One of the biggest challenges for me over the last year was keeping the house tidy. We had already hired a cleaner to help with the floors, dusting, bathrooms and kitchen. What was left was the daily clean up the trail of bits and pieces that seem to come with pre-schoolers.
Every time I entered a room, I’d be overwhelmed by the mess: the single sock abandoned in the corner, the hill of Lego pieces on the floor, the stuffed animal dormitory on the couch, the crumpled piece of paper with stickers that was someone’s “favourite craft,” a water bottle without a lid, and a doll shoe.
were are still in their “in and out” phase where they could spend the day filling bags, boxes, containers and bins with bits and pieces. They would put the game pieces and dice, hair clips, marbles, rocks, magnets and pompoms in a little box in their play purses. Then they’d put the purses in bags. The bags would go in a stroller, draped with a blanket. As they trekked through the house on various adventures, the bits and pieces would be disturbed through the kitchen, under the dining room table, between the couch cushions, and on the stairs – times two, of course. Needless to say, getting everything back where it belonged, or a least off the floor, was more than could be expect of a three-year old with limited guidance from an exhausted parent. And, I wasn’t much of a help since bending over was certain to make my world spin. Over time, I gave up my level of tolerance for disorder increased. But this wasn’t a solution; it was just a reminder of where I felt I was falling short of my responsibilities as a mother.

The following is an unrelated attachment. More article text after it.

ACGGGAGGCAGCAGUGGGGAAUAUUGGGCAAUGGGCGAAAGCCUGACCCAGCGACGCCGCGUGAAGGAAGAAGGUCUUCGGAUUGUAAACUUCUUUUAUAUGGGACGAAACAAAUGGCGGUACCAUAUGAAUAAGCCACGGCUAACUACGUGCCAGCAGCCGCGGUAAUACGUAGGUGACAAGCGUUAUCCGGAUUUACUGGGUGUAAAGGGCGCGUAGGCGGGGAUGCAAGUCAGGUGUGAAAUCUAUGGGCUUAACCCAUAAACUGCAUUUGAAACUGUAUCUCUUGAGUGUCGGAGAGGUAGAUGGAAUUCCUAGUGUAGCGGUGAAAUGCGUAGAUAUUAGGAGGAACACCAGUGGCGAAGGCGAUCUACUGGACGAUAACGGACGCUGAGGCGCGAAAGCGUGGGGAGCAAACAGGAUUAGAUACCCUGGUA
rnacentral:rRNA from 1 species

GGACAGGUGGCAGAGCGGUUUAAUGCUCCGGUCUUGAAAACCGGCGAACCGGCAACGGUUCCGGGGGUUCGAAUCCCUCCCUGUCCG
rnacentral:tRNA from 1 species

So, I borrowed an idea from my mom: the “one-at-a-time” cupboard. I filled two cupboards with all the puzzles, games, cards, and toys with little pieces. The kids could each select one item from the cupboard. When they finished with one toy, all the pieces were cleaned up. The lower cupboard had the puzzles and games they could play with by themselves, while the upper cupboard held the ones that need more parental supervision.
Did this help? Yes and no. The kids liked being able to see all the boxes of games arranged on the shelves. They could easily select what they wanted and often asked to play games. But, I couldn’t contain all of the chaos in one set of cupboards. I’ll share the next step in managing kids toys, in my next posting.